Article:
When she was just 20 years old photo-journalist Diana Markosian asked the news agency she was working for in Moscow to send her to Chechnya. Many others in her position would have dreaded setting foot inside the much-troubled Chechnya, which has suffered decades of war but Markosian was intrigued by the region and its beleaguered history. Her agency denied her request, but she refused to be disheartened and made her own way there.
Whilst many of her work colleagues would fight tooth and nail to avoid being sent to Chechnya, Markosian has been there several times since her first visit and moved there permanently in 2011. Whilst the Russian authorities declared the region of Chechnya had normalized more than three years ago, she doesn’t deny that living there is still fraught with danger.
In an interview with Time Magazine’s LightBox Markosian explains that, women are still regularly kidnapped and that she is becoming used to being followed by authorities, having her work checked and her images deleted.
Because of the recent islamization of Chechnya, Markosian faced an uphill struggle to get close enough to her subjects for them to allow their photographs to be taken. She explains that the picture of a woman smoking a cigarette could get them into all sorts of trouble with their families, that physical contact between a man and woman prior to marriage is forbidden and that honor killings of women who disobey these rules are practically endorsed by the government.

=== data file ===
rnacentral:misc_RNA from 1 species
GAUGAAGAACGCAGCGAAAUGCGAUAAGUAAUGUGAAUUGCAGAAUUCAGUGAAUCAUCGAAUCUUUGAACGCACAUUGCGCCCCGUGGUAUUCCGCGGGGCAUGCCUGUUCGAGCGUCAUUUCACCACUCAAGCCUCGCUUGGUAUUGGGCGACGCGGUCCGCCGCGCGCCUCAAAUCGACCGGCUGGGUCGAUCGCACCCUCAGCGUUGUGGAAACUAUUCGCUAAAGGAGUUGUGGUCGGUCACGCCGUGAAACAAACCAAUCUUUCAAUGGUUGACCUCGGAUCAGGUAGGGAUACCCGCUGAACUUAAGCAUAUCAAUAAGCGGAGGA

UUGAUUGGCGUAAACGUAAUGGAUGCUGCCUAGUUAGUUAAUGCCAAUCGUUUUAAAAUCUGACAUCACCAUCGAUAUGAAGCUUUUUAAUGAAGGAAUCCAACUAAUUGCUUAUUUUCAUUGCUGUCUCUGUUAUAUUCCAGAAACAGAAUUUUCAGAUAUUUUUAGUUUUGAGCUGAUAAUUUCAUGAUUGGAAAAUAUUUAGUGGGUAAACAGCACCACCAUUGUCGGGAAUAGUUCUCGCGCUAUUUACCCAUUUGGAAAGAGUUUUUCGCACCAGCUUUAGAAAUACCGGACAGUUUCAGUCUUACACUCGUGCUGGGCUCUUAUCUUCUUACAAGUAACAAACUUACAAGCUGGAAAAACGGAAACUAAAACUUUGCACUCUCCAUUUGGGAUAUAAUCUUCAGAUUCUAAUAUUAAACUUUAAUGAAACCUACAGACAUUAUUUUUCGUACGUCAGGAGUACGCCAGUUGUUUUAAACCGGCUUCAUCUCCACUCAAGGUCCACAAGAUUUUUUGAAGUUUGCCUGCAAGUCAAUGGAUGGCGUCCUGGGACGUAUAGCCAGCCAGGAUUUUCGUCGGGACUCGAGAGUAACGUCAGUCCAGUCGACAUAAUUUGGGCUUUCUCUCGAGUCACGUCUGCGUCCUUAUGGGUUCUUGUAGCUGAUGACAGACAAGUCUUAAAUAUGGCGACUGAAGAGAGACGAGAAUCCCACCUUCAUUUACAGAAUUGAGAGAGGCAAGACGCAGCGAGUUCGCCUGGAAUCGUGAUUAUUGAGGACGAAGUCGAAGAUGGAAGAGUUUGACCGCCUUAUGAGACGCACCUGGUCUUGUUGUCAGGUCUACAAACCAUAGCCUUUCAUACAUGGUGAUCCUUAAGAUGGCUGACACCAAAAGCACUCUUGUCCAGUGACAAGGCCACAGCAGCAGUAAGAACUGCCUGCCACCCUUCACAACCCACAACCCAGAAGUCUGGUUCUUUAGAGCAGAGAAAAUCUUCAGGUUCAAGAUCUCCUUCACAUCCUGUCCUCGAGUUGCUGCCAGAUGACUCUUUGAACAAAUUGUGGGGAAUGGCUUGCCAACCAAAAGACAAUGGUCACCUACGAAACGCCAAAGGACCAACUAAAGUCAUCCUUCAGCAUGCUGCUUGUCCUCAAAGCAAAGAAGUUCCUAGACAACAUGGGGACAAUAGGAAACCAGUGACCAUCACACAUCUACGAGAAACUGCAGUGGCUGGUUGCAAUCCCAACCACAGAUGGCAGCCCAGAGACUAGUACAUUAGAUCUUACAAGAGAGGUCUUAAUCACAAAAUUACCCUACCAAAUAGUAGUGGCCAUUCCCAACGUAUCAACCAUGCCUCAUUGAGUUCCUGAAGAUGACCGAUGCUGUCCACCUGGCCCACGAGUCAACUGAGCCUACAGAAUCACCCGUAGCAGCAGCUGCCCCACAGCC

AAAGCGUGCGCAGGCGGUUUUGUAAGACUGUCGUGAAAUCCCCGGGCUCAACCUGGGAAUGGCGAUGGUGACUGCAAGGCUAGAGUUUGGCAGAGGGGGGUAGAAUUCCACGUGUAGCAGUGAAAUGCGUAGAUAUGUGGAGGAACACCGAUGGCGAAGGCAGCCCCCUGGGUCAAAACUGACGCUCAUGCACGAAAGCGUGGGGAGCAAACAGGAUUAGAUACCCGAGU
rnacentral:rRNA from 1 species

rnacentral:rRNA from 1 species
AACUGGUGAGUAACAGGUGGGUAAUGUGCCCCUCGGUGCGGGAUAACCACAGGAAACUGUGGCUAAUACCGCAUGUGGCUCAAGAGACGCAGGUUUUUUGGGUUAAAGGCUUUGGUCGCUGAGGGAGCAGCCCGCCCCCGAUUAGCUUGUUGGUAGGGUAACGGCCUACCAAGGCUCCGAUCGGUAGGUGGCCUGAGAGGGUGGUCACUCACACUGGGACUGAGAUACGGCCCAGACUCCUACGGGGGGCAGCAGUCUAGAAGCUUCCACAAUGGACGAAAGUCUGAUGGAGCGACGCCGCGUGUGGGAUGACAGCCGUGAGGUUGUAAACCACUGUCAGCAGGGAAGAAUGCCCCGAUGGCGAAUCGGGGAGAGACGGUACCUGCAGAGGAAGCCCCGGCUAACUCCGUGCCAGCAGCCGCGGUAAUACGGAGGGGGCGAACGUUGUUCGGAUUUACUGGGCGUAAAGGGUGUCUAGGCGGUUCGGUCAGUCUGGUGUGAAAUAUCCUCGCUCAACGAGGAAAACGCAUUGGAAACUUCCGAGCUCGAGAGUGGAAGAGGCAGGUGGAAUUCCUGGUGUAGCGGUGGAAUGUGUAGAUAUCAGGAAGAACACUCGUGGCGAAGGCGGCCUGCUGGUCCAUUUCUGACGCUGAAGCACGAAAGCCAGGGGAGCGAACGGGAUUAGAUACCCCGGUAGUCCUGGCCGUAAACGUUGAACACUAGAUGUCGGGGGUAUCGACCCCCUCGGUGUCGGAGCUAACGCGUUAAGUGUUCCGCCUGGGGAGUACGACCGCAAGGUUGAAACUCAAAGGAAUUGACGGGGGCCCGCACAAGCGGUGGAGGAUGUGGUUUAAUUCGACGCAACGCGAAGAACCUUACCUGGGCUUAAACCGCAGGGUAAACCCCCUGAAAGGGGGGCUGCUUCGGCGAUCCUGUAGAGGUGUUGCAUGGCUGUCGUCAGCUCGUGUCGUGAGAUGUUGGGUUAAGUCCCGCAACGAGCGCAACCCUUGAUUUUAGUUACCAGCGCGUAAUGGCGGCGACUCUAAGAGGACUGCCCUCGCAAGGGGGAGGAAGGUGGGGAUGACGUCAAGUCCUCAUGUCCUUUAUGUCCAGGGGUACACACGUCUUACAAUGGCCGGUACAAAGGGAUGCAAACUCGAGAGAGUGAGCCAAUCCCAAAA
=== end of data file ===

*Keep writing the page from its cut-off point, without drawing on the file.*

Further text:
This particular group of photographs focuses on getting inside the lives of Chechen girls and women, they are a particularly insightful group of pictures that show a side of Chechen life unseen before.
I like this picture of a young girl who describes herself as an Emo because it is one of the few pictures where a female is pictured without a headscarf. Women in Chechnya have to wear headscarves in schools and public buildings regardless of their beliefs.
This picture captures the essence of life for young girls in Chechen schools; they do not wear the normal attire associated with physical education classes because they have to be dressed modestly around the boys.
This picture of a young couple sat a few feet apart in a snow covered park speaks volumes. Markosian explains that couples who are dating must do so in public places and physical contact is forbidden before marriage. Young girls who are caught engaging in physical contact with their boyfriends before marriage are often the victims of honor killings or are severely punished by their families. The icy nature of the picture seems to encapsulate how couples are expected to behave around one another.
This picture shows female Chechen celebrities wearing fashionable headscarves. When the government first made the wearing of them compulsory – celebrities lead the way in helping to popularize them.
To me this picture captures the feeling of real love between a couple; their eyes locked in the bedroom mirror as the man checks in on his child in the crib. Markosian’s explains that the woman in the photograph was promised to be married to another man by her family. On the night before her wedding she ran away to her boyfriend who she had been secretly dating and they have since been married for two years. Sometimes love can conquer arranged marriages!
This picture shows a disabled football team training in a gym near the capital Grozny, it powerfully captures the consequences of war – more than 3000 accidents have occurred involving mines since the 1990s.
You can see more of Markosian’s The Girls of Chechnya pictures at Time Light Box.